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A thin diamond with two large, flat, parallel surfaces so that the viewer can see through it to recognize an object under it, without distortion by refraction. The largest known is the 'Russian Table Portrait Diamond', 25 carats, 4 by 3 cm, now in the Kremlin, Moscow; it is thought to be a cleavage from a larger stone. Sometimes such a diamond is found in nature (called a 'flat') and is cut and bevelled for use as a glass over a miniature portrait or for a watchcase (called a 'portrait stone' or a Lasque).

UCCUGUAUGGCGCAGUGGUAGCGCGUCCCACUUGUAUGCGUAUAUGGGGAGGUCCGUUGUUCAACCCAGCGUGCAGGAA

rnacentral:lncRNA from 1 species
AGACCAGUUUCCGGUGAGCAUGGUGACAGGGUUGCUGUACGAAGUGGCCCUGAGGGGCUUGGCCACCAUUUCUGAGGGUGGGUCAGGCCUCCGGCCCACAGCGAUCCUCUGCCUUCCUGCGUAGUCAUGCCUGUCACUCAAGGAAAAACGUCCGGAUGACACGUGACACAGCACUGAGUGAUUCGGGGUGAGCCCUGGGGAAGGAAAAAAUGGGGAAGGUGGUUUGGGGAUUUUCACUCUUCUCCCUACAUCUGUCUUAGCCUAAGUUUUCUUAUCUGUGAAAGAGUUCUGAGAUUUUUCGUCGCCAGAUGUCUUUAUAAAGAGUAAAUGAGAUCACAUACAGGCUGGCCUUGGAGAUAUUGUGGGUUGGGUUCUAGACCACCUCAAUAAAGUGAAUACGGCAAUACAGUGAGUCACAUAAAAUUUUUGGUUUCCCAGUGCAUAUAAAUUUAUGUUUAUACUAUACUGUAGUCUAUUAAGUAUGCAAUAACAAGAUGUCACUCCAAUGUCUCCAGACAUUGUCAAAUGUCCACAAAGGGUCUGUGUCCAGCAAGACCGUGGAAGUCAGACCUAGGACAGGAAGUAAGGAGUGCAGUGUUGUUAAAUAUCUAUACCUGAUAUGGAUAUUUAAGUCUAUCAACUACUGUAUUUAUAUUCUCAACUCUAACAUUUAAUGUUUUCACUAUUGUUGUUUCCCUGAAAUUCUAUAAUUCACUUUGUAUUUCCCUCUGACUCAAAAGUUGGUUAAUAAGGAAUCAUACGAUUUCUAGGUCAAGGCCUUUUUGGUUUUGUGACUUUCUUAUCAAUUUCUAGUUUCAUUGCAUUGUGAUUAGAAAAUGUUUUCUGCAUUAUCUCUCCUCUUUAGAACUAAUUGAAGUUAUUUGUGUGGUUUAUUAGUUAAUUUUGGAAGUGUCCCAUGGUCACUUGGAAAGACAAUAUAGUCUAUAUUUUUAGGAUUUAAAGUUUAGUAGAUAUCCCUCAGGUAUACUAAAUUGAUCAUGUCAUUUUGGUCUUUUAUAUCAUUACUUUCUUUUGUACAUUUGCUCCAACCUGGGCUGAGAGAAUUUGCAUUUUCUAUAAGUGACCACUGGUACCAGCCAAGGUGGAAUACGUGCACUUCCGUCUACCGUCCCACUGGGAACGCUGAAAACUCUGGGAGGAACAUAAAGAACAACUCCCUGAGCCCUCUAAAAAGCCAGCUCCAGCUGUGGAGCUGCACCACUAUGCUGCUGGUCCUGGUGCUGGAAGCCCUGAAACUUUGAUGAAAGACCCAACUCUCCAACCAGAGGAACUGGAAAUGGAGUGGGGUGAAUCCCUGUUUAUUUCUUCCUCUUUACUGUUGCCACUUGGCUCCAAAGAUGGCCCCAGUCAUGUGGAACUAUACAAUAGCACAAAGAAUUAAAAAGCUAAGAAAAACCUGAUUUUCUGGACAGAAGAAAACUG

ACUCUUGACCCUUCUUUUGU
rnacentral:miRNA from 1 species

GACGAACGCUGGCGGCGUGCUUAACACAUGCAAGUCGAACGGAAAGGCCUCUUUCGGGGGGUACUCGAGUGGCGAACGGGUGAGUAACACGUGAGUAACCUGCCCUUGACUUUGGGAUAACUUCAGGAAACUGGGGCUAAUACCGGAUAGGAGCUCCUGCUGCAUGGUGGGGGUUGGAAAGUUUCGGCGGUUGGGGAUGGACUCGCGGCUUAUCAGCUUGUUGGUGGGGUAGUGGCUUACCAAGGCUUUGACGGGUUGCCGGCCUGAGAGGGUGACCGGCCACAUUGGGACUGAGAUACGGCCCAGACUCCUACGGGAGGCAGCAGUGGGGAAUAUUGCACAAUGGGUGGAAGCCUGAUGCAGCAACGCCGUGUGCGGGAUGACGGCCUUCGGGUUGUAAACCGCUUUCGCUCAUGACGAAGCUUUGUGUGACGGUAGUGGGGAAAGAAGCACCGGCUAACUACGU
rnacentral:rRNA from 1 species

From: An Illustrated Dictionary of Jewelry, autor: Harold Newman, publishers: Thames and Hudson